(Ted Rockwell / San Diego Union)

Pearson came west from Iowa to Oregon by covered wagon with his family as a young boy during the Civil War. He went south to San Diego in 1879, and in 1881, he became the second member of the San Diego City Guard, forerunner of the California National Guard. He was a sergeant in that outfit until he was appointed constable in the new township of National (City) in 1887.

A crack shot, a market hunter and a lover of wild places, Pearson built a hunting shack on the tule flats beyond Old Town in 1890. He called his hideaway the Greenwing Teal, after the duck of that moniker, and made the place his permanent residence in 1912.

The first habitation at Duckville was a cabin built in 1885 by sharpshooter Martinez Chick along with his associates, W. Francis and W.J. Morgan. Charles May erected Duckville’s second shack in 1887, the year both Ocean Beach and Pacific Beach were founded.

Duckville swelled to a dandy dozen dwellings by the turn of the 20th century, and by the time the Panama-California Exposition opened in 1915, Duckville was home to some 30 domiciles, literally out in the tules of False Bay. Many of Duckville’s shacks had names such as Sprig Cottage, Sherman’s Shack and, who could forget, the Hotel de Mallard.

Would you believe the city ran a water main out to Duckville? It did, in 1906. As you might imagine, it was a rather controversial undertaking. The water department wanted to know who was going to pay for water usage in Duckville, and who it would even bill. There were no formal street addresses in the community at the time.

After being debated for months, the project was finally approved to run a 1.5-inch line, off the Pacific Beach line, out to Duckville, with costs not to exceed $325. The project came in at a cool $296.

“For sweet decades,” Lockwood recounted, “Duckville meant to many the good chill mornings in the duck blind, the happy jerk of a well-hooked fish on a line, and a dozen men singing around a red-hot pot-bellied stove. Then in 1916 it started to rain. It rained and rained and rained.”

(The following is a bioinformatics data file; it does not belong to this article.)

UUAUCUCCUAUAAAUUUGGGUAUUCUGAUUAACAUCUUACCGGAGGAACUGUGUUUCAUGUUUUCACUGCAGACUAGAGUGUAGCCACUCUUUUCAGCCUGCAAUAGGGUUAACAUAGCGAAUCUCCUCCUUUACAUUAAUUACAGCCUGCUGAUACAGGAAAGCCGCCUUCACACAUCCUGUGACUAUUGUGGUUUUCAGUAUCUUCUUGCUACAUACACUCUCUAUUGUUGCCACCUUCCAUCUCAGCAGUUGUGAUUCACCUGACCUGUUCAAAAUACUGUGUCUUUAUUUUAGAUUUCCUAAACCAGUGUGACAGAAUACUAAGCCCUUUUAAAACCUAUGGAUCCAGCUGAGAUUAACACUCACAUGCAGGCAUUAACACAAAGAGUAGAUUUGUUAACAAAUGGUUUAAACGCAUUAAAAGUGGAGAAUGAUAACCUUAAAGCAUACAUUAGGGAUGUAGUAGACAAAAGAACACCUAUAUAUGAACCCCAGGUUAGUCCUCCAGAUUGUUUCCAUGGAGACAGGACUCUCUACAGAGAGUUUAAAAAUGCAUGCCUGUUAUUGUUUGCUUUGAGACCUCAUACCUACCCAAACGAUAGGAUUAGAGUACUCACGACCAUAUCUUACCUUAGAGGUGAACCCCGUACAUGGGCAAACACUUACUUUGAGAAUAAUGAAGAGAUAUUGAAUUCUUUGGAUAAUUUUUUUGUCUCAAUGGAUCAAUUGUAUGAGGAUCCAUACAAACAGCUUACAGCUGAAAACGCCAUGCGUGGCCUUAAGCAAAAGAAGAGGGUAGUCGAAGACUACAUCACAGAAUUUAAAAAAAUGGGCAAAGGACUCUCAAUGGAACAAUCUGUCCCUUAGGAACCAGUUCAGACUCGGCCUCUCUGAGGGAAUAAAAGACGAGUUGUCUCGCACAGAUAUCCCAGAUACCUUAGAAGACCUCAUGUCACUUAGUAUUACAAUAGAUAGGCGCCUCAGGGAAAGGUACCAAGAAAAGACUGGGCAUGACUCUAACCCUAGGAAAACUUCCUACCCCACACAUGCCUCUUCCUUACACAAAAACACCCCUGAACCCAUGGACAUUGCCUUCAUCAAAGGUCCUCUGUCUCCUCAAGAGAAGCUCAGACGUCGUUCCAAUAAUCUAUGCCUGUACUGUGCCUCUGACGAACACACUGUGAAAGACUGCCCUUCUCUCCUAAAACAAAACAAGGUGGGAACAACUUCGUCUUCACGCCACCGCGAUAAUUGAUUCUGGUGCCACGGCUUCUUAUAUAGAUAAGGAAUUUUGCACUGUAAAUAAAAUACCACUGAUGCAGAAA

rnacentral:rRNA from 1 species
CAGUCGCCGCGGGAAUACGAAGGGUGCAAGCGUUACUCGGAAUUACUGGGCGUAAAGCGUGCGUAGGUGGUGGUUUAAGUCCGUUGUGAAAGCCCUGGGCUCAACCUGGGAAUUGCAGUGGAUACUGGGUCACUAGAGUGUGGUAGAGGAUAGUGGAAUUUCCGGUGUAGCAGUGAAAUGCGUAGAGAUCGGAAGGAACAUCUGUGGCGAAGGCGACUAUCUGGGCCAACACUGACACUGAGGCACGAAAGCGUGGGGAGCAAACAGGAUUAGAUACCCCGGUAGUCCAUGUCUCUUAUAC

Though the San Diego River had flooded many times before and after, the great Hatfield Flood of 1916 stands as the high-water mark. Get it? “When the waters subsided, heads were counted,” according to Lockwood. “Adalaska and the executive mansion were gone. A steam launch was obtained and a search party climbed aboard.

“In the middle of Mission Bay, a floating cabin was located with His Honor flapping [his] rattlesnake picture from the bedroom window. Soon the house and incumbent were back on the flats.”

Then there was this from the Evening Tribune of Feb. 2, 1916: “House stolen by someone — Somebody has stolen a house, three skiffs, 12 sneak-boats — painted green — and a lot of decoy ducks that belong at Duckville, according to a report to the police by Ad Pearson. The house, said to belong to Chas. M. Rider, chief dispatcher for the S.D. Electric Railway, disappeared from a sandbar in Mission Bay, to which it had been moved in the recent flood. Pearson said three men were seen to tow it to Ocean Beach. The skiffs, sneak-boats and decoys evidently were stolen without anyone seeing them go. A junk dealer is said to have bought a flock of the decoys from [some] boys.”

The "suburbs" of Duckville in 1923.
(San Diego Electric Railway)

The mayor was not above promoting his little community, or himself. Nor was he a stranger to exaggeration. On Christmas Day in 1927, this festive feature appeared in the San Diego Union under the heading “Oyez! Oyez!” — “Mayor Ad Pearson of Duckville, who also is president of the Duckville chamber of commerce and chief of police, announces that he has made arrangements with Col. Lindbergh (as soon as he gets back from Mexico) to carry all mail by airplane to Duckville, making two trips daily.

“‘Of course,’ said the mayor, who is also harbormaster of Mission Bay, ‘I shall release the colonel any time the United States government needs Lindy to rib up some friendly relations with any of our neighbors.’

“Mayor Pearson is very anxious to have new industries locate at Duckville and is negotiating with a hairpin factory back East. ‘Bobbed hair has kinda put that industry on the fritz,’ said the mayor, who recently elected himself superintendent of Duckville’s lighting plant, which is a highly perfected solar and lunar system.

“And the mayor, who likewise is chief game warden of Duckville, explains that tourists must not confuse the croaking of spotfins with the bellowing of bullfrogs. The mayor, who recently appointed himself collector of customs for the port of Duckville, explains that frogs dislike seawater because it stings their eyes and makes them cry. That is why no one ever heard a bullfrog bellow on Mission Bay, the mayor says.”